If you consider the comma as a separator, you use a comma between two items of a sequence to separate them, if you consider it as a delimiter, you put it after each item to indicate where an item ends. See the examples below:
Comma as a separator
var myCars = ["Saab", "Volvo", "BMW" ];
Comma as a delimiter
var myCars = ["Saab", "Volvo", "BMW", ];
foo(a, b, c) // separator, OK
is valid whereas
foo(a, b, c,) // delimiter, NOT OK!
is not valid.
As far as I understand, according to the wikipedia page a separator is a special case of a delimiter, namely one that is put between the different text regions whose boundaries need to be marked. In fact, the wikipedia page names comma-separated values as an example use of delimiters.
So, in general you can use delimiters in different ways: before, after, on both sides of the portion of text to be marked.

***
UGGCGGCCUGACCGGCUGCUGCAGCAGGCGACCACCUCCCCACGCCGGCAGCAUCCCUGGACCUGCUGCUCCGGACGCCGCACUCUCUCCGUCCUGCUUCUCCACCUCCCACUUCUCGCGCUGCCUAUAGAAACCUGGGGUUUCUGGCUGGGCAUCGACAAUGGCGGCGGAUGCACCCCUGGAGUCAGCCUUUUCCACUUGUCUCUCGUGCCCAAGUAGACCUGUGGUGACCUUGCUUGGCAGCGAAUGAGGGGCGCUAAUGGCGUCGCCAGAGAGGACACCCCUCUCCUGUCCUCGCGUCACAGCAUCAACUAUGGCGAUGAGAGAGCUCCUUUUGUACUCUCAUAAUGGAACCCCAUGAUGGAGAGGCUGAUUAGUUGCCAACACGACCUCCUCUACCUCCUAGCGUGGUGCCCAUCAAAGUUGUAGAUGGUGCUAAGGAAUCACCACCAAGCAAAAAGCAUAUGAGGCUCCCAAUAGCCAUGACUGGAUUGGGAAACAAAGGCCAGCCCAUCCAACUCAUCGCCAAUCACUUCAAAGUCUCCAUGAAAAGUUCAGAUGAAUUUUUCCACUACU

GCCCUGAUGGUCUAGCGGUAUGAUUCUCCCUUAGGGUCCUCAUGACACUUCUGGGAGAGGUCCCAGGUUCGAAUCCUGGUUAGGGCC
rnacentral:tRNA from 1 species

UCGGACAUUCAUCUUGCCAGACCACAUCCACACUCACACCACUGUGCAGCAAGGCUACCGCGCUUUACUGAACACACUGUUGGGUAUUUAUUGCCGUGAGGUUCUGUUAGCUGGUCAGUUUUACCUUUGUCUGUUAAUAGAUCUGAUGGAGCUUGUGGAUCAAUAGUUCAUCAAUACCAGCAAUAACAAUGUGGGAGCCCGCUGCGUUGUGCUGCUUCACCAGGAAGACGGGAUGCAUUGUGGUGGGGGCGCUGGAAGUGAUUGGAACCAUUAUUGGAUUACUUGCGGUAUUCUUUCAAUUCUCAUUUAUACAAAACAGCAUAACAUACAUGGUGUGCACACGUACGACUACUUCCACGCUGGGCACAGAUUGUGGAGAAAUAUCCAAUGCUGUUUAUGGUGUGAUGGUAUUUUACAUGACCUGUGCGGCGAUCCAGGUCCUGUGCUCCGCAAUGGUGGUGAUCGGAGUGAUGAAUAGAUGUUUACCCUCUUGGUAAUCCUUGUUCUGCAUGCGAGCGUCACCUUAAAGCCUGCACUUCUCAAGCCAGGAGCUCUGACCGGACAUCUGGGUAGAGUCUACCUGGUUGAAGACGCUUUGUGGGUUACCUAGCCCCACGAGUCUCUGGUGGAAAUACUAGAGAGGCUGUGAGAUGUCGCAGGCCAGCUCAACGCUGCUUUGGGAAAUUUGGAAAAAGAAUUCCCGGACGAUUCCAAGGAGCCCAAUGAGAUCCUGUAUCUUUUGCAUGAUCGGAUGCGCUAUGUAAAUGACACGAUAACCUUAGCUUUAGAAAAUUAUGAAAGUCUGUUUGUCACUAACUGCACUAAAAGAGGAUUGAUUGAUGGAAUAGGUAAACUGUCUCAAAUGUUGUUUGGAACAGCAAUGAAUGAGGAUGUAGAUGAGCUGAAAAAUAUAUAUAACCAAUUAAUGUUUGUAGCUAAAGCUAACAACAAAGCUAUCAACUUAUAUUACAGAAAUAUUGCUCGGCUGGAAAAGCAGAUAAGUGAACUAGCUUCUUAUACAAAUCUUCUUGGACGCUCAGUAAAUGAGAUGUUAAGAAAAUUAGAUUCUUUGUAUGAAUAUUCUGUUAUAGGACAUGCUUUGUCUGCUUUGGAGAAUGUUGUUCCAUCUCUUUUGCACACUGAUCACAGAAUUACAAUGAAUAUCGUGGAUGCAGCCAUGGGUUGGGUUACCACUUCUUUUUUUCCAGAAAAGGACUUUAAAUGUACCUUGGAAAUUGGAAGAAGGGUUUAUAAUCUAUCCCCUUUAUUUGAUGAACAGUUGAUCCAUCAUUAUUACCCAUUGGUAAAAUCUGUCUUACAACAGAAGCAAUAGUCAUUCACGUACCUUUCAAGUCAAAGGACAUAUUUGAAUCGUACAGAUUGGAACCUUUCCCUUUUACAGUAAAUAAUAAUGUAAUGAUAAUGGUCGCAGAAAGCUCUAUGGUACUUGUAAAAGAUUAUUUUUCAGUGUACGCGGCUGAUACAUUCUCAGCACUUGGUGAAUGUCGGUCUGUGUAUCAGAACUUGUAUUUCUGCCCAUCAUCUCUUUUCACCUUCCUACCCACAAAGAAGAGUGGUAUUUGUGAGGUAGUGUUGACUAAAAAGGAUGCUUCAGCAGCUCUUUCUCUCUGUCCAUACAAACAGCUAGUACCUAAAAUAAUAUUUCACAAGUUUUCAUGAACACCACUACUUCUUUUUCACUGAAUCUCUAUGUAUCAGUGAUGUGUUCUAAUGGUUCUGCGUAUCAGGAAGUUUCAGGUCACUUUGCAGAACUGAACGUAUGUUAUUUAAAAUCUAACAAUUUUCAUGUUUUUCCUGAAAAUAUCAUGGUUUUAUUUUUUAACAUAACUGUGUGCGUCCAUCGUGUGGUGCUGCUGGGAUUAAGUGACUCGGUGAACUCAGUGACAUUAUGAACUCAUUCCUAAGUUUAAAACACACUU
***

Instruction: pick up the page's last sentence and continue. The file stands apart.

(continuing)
Another example of similar but different use of a character is that of semicolon as a statement delimiter (C, C++, Java, Ada, ...) and as a statement separator (Pascal). Therefore
if (a > 0)
is correct C code whereas
IF a > 0 THEN
WriteLn('Positive'); (* Syntax error here! *)
is no correct Pascal code.
Maybe terminator would be a better / less ambiguous term than delimiter?
E.g. one could formulate the quote as follows: "Some people get confused about how commas work. They think they should be item terminators rather than item separators. Now (in many cases) you can think about them either way."